By Iain Swanson
Production of some of Britain’s favourite biscuits will be halted over the next month, a union claimed today as it announced strike action at an Edinburgh factory.
Workers at Burton’s Biscuits Co are set to walk out in protest at what the GMB union called a “derisory” pay offer.
GMB members at the manufacturing plant voted by an overwhelming majority of 91 per cent for industrial action after management refused to increase a 1.6 per cent offer for the next year.
An indefinite work to rule and overtime ban will start on 8 September from 2pm before a 24-hour strike on 9 September, the first of a series of such stoppages strikes throughout September.
The union says the biscuit manufacturer - which produces staple household brands like Jammie Dodgers and Wagon Wheels - is owned by the Ontario Teachers’ Pension Plan which hold net assets worth a “staggering” $204.7 billion.
More than 400 workers are employed at the Edinburgh factory, which produced around 7.5 million biscuits a day.
'Taking the biscuit'
At the start of lockdown the company was at the centre of a row over union allegations it was failing to meet government guidelines over physical distancing and PPE and pressurising staff to go to work.
Now the flashpoint is pay. GMB Scotland organiser Benny Rankin said: “Burton’s stubborn stance on this year’s pay offer is an insult to staff that have worked throughout the lockdown at management’s insistence.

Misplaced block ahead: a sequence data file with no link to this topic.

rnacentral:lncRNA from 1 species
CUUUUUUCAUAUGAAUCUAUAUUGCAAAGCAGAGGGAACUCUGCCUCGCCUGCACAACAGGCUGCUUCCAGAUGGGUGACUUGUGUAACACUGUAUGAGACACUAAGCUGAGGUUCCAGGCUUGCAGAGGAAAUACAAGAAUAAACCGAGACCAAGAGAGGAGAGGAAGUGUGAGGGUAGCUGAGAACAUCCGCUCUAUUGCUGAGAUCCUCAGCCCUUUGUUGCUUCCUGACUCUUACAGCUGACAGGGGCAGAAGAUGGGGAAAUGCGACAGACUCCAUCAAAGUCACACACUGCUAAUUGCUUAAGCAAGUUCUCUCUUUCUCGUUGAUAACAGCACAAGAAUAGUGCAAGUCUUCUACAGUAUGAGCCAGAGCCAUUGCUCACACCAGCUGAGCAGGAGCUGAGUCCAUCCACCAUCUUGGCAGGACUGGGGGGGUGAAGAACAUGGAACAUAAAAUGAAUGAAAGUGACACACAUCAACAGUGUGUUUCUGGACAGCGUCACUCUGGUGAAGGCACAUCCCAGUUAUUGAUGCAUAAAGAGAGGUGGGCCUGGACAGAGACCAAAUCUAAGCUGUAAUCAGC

“In March staff were told they were part of the key worker response and despite serious health and safety concerns over working practices, our members did what needed to be done for this business.
“Burton’s derisory pay offer holds a mirror up to this management – they clearly do not value the contribution of their staff and have no interest in recognising and rewarding them properly.
“And after previous concerns over management’s ability to adhere to the Covid guidelines on workplace safety, Burton’s are taking the biscuit again over their workers’ pay and conditions.
“Their refusal to meaningfully engage with a workforce that deserve so much better means we have been left with little choice but to strike for a decent pay offer.”
Three 24-hour strikes have been scheduled by the GMB for September. The first will start on Wednesday at 6am and run until the same time on Thursday.
Similar stoppages are then due to take place the following to weeks, in each case starting at 6am on the Wednesday and lasting until the same time the next day.
Sales of Wagon Wheels were reported to have risen by about a third during the coronavirus lockdown as people tucked into favourite snacks.
But even in January biscuit sales were said to be booming with the growth of cereal biscuits slowing.
The company declined to comment on the planned industrial action.
This story first appeared in our sister title Edinburgh Evening News.